Before thinking about equality, the Indian parliament agreed to reserve a third of its seats for women

India is indeed a country that allowed a woman, Indira Gandhi, to assume the post of Prime Minister in 1966. However, it took almost 30 years, in 1996, for the first law to require the reservation of, not half, but at least a third of the deputy seats. Woman. And wait another 27 years until the law was finally adopted by the deputies (454 votes in favor and two against).

However, the decisions taken on Wednesday in the lower house of the Indian Parliament have an impact primarily in the country where they are located the position of women in Indian political life is in vain : of the 788 deputies in the country, 104 are women, or more than 13%.

Sensitive things

At least two years to implement the policy

On the other hand, the establishment of these quotas will take time to be implemented in practice: after the passage of the bill in the upper house of parliament, which has a high chance of being adopted, we will at least have to wait. two or three years, according to some observers, from the end of a massive census operation in what is still the world’s second-largest democracy (1.4 billion people), to then redraw India’s electoral districts.

Immediate implementation of this bill is not only necessary but also possible“, underlined the representative of the main opposition party Sonia Gandhi, during the debate on the hemicycle, any delay in its implementation is an injustice to women.”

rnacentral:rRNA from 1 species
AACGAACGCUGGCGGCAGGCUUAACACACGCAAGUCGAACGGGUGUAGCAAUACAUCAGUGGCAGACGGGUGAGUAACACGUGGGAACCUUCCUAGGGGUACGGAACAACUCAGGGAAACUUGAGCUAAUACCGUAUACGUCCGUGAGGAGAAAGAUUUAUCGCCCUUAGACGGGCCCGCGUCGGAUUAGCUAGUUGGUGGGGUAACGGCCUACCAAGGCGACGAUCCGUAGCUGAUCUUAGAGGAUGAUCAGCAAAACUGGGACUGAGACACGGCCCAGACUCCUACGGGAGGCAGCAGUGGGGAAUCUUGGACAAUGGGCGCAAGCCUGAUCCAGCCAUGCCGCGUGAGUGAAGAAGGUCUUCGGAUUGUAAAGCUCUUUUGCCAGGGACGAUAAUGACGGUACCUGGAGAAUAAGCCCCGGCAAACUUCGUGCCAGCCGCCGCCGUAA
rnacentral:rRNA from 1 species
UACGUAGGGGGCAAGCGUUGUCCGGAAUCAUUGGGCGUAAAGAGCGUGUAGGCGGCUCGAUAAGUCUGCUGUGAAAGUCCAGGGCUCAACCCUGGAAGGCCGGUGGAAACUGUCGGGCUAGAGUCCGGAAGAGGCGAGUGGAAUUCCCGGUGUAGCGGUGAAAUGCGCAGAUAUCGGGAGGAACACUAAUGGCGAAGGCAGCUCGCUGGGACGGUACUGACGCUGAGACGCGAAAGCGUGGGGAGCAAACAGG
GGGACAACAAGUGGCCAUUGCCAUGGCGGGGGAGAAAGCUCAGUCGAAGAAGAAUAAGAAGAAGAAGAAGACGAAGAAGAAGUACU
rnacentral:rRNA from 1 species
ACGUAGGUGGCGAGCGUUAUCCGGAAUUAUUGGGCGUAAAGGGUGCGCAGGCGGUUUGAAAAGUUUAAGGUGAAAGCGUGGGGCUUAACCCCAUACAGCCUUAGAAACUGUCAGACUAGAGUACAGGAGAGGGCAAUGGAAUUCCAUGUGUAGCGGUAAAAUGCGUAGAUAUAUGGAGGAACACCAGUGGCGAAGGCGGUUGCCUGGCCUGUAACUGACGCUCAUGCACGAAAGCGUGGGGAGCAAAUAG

Since 1996, when it was first introduced, the bill has faced considerable opposition from political parties in the north of the country: in 2010, the former chief minister of Uttar Pradesh, India’s most populous state, for example, opposed the draft law. worried this would encourage MPs to whistle blows at their colleagues in Parliament.

Weightless political representation

Paradoxically, while women are already represented on India’s political scene, they do not have much influence in decision-making: Droupadi Murmu is currently the country’s president and the second person in India’s history to occupy this, essentially protocol, function. Other women have been chief ministers, party leaders, and held power, without women benefiting from wider political representation.

Therefore, implementation of this law will benefit Indian Prime Minister Narendra Modi, who will seek a third term in office next year, and his Hindu nationalist Bharatiya Janata Party (BJP): the party already enjoys significant popularity among women.

Serena Hoyles

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